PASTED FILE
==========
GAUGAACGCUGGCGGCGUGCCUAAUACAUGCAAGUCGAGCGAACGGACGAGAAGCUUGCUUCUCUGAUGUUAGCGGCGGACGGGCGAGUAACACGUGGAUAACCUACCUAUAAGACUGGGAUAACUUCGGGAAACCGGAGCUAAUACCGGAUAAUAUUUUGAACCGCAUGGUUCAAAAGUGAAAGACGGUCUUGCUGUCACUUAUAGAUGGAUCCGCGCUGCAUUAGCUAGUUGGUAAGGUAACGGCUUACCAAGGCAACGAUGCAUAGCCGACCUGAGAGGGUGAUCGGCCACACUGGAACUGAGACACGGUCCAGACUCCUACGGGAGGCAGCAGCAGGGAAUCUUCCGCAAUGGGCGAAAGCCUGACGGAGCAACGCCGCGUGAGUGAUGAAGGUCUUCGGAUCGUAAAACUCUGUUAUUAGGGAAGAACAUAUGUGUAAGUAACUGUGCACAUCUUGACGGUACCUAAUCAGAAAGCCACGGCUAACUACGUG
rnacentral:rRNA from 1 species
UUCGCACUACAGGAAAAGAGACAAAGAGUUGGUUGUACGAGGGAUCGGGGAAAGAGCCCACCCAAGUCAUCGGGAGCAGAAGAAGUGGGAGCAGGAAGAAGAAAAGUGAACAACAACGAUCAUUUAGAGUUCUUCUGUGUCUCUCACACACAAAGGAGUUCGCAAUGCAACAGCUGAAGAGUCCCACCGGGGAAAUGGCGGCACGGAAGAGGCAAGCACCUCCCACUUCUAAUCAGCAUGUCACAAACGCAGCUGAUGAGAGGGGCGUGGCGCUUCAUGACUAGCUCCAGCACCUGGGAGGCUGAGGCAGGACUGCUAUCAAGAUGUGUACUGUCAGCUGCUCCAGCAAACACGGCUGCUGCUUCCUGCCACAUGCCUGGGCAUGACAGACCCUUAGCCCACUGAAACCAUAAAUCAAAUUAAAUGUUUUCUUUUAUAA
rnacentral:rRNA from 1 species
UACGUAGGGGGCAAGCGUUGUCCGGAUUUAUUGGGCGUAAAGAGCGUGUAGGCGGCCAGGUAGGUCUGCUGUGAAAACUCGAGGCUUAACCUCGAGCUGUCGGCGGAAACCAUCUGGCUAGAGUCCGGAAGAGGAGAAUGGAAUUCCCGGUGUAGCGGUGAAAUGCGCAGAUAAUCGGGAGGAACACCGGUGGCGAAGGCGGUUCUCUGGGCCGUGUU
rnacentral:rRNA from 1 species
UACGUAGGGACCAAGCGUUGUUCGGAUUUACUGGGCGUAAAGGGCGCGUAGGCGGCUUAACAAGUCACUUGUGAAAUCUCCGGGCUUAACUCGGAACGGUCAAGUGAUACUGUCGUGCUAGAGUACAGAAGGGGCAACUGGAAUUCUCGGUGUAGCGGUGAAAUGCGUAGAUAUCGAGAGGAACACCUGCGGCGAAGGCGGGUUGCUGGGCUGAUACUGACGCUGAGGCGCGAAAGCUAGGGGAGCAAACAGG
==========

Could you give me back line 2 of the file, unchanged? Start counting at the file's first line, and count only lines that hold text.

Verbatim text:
rnacentral:rRNA from 1 species